Author Archive for: webmistress

The Wire in HD (updated with video clips)

03 Dec
December 3, 2014

This tale begins and ends with a fellow named Bob Colesberry, who taught me as much as he could about filmmaking in the three or four years I was privileged to work with him. To those who knew Bob, it will provoke warm memories to say that he was not a language guy; he understood image, and story, and the delicate way in which those elements should meet.

Bob spent a too-short lifetime on film sets, working beside real filmmakers – Scorsese, Bertolucci, Pakula, Levinson, Ang Lee – helping to shepherd the ideas of many great directors and eschewing the limelight altogether for the chance. But, hey, if you don’t believe me about how substantial his resume was, go to imdb right now and trace the arc of his career. That he ended up tethered to some ex-police reporter in Baltimore was pure forbearance on his part; for my part, I can just say I got very lucky.

It is no exaggeration that Bob had to explain “crossing the line” to me a dozen times, often twice in the same day, before my brain could grasp a concept that first-year film students everywhere take for granted. If you go to the fourth episode of the first season of The Wire, and watch the camerawork on that long scene with Freamon and McNulty in the bar, you’ll be a bystander to the moment when the linear word-brain that I drag to set every day was finally allowed a few rays of cinematic light, courtesy of a patient mentor.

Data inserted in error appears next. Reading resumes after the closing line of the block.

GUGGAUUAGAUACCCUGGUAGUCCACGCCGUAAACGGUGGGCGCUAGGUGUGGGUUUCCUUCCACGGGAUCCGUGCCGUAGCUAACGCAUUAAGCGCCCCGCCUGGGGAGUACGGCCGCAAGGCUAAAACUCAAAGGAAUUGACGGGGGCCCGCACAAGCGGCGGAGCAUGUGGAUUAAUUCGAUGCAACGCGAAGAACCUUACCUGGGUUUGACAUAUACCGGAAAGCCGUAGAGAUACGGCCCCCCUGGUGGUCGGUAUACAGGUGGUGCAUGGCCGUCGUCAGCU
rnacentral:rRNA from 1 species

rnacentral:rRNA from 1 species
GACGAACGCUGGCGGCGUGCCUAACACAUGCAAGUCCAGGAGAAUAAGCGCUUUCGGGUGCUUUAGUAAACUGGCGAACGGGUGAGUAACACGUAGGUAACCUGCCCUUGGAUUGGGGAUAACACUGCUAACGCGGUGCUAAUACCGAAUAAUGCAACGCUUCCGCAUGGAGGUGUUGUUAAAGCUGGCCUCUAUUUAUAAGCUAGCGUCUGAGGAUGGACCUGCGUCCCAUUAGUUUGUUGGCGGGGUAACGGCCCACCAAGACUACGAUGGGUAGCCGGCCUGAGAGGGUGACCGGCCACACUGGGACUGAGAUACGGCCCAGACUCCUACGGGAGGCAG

“See what happens when we cross over and everything flips?” he explained for the thirteenth time. “If you see the move happen, you aren’t disoriented, but if we were to cut that moment and then suddenly be on the other side…”

He paused, looked at me. Nothing. Dead crickets.

“So…the dialogue that they’re saying when we cross the line and reverse on them – those words –we can’t cut those. You good with that?”

“Yeah, I get it now.”

“Right. Then we’re good.”

Huh. The next day, I sauntered up to Bob at the video monitors and, in my best deadpan, asked him yet again to explain crossing the line. He looked on me sadly as a terminal case, until I started laughing. No, I had finally learned something about the camera and the credit was his. I just couldn’t resist pulling the man’s coat one more time.

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Comeback Clip

15 Nov
November 15, 2014

Love this so hard.

Bill Moyers, for a second bite of the apple.

30 Jan
January 30, 2014

The only plausible means by which a mook with a C+ grade-point average from a state university and fifteen years covering a second-tier rust belt city can be shaved and shaped into a crude approximation of a public intellectual is to be interviewed by Bill Moyers.  I was interviewed by that gentleman today, for a second time, about a good many things.  And I know, from my first experience with Mr. Moyers and his team, that I will somehow emerge sounding almost coherent.

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Pete Seeger, 1919-2014

28 Jan
January 28, 2014

pete-seeger

 

If there is an American who has lived a more honorable and creative life in the past century, the name cannot be readily conjured.  Pete Seeger did everything possible to merge the power of popular song to the very idea of community.

 

Festival of Dangerous Ideas 2013: Some People are More Equal than Others

14 Nov
November 14, 2013